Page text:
Reflection 167: Two Women

December 24, 2009

(Copyright © 2009)

I give you two women from two different cultures. One raised to expect a great deal of praise and attention for being pretty, the other to expect to make her way by doing her share of the work. Each making herself happen within her respective culture according to survival values shaped in childhood to reflect the needs and yearnings of her family, particularly of her mother. Two women, two childhoods, two cultures, two ways of being in the world—two different lives, one in Afghanistan, one in California, a nation unto itself.

Actually, I don’t give you two women at all but rather two photographs of women, one I’ve had on my wall since (I think) the fall of 2001, scanned from the pages of (I believe) The Christian Science Monitor; the other scanned from a 1959 photo reproduced on page 13 of the current issue of AARP The Magazine, November/December 2009. I regret I don’t know the names of either photographer because I’d like to give credit to those who created these stunning portraits.

I present these photos side-by-side as symbols of what it might mean to be raised in two different cultures opening onto two different styles of consciousness expressed in two contrasting ways of being women in the world. Compare and contrast; feast your eyes:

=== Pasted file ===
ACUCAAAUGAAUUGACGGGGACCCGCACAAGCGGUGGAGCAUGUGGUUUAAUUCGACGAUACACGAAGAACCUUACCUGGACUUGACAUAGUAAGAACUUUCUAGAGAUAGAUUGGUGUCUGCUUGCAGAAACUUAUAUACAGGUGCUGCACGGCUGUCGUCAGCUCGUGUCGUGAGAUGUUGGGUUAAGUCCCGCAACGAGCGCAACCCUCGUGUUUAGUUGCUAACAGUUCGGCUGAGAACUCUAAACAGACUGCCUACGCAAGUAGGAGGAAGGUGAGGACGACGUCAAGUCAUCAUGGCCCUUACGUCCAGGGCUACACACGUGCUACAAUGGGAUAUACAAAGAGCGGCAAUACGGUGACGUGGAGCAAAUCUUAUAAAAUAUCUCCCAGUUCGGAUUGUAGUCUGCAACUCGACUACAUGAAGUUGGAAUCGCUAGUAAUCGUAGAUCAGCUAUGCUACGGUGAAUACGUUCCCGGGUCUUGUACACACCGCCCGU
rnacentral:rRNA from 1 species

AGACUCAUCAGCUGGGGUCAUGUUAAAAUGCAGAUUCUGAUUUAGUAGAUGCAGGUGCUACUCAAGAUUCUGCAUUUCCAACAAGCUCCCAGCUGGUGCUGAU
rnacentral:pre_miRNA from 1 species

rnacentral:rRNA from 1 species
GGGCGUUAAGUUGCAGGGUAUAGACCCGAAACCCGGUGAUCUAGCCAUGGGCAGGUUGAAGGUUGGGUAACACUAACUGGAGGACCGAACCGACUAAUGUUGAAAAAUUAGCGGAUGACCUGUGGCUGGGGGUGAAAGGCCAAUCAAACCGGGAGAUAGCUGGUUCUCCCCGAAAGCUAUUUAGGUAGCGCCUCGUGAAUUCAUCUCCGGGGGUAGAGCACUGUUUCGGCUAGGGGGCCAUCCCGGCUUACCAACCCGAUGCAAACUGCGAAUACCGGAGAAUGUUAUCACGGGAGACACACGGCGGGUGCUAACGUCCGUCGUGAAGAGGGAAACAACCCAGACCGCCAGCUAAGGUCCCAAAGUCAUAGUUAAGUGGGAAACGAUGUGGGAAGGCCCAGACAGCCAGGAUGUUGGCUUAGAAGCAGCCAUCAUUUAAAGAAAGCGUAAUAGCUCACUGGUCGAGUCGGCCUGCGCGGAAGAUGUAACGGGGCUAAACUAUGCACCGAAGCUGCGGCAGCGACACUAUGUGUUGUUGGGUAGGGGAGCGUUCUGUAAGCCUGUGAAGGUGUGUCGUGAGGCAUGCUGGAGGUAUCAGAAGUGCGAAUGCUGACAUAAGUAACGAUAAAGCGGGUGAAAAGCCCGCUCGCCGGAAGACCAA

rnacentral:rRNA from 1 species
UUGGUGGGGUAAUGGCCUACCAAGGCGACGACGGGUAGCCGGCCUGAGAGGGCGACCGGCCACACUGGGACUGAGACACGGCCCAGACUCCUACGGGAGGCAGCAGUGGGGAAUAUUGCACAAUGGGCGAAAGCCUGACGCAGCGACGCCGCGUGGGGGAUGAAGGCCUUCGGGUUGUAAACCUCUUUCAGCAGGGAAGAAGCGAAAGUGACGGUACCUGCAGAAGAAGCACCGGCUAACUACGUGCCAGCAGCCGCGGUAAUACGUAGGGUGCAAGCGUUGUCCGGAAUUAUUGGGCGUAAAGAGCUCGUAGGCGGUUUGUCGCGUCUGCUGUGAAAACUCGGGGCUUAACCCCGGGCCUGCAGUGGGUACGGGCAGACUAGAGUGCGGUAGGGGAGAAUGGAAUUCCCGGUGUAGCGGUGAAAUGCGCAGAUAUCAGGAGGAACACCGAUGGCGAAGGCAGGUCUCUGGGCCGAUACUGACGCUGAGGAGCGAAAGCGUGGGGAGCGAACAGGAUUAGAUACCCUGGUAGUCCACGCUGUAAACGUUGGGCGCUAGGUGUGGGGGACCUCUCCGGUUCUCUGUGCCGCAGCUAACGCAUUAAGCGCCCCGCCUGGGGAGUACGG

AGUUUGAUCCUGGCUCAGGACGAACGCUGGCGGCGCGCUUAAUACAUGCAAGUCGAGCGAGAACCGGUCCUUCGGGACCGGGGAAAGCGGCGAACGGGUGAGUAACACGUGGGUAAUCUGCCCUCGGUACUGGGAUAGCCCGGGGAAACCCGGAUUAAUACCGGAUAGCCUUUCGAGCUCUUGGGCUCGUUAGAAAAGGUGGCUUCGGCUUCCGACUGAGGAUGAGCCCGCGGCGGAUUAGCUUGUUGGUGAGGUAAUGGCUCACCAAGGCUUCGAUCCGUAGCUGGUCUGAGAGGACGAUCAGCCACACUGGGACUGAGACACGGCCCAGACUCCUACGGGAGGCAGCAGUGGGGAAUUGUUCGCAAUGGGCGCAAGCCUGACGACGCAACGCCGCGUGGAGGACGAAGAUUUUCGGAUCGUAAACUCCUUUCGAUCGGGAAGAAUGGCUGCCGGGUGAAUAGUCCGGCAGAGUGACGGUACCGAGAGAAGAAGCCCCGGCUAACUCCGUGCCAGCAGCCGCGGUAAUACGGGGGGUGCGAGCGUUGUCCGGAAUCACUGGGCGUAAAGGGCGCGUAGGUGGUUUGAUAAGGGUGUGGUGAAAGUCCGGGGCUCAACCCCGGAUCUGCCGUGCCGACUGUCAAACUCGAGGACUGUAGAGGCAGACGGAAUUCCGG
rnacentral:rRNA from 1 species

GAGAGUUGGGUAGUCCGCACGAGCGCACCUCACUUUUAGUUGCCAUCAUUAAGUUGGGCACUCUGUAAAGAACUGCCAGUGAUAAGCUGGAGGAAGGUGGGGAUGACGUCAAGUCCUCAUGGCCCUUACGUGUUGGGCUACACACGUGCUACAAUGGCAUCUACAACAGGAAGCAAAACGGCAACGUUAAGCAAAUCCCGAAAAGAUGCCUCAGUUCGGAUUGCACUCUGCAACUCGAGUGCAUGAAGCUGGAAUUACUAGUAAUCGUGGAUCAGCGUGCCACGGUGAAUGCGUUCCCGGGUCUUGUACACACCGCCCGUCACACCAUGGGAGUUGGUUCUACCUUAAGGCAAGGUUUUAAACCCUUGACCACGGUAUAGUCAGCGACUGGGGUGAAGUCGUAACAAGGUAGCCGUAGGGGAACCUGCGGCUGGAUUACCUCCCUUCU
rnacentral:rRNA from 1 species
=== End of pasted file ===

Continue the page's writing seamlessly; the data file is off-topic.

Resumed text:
Woman 1

Woman 2

 

 

 

 

 

 

 

 

 

Imagine local men (and women for that matter) meeting these women. Put yourself in their place. Feel what they might feel. Imagine the parents and siblings with whom these women grew up. Imagine their playmates, special friends, neighbors, mentors, teachers, spiritual advisers. Imagine these women trading places, the one switching from herding goats in Afghanistan to herding goats on the outskirts of Los Angeles; the other drying off, taking a stroll through the outskirts of Kandahar in her bathing suit. Run through the routine once again—same women, same dress, different cultural settings. What sorts of response do they get? How are they regarded? How are they judged? How are they treated?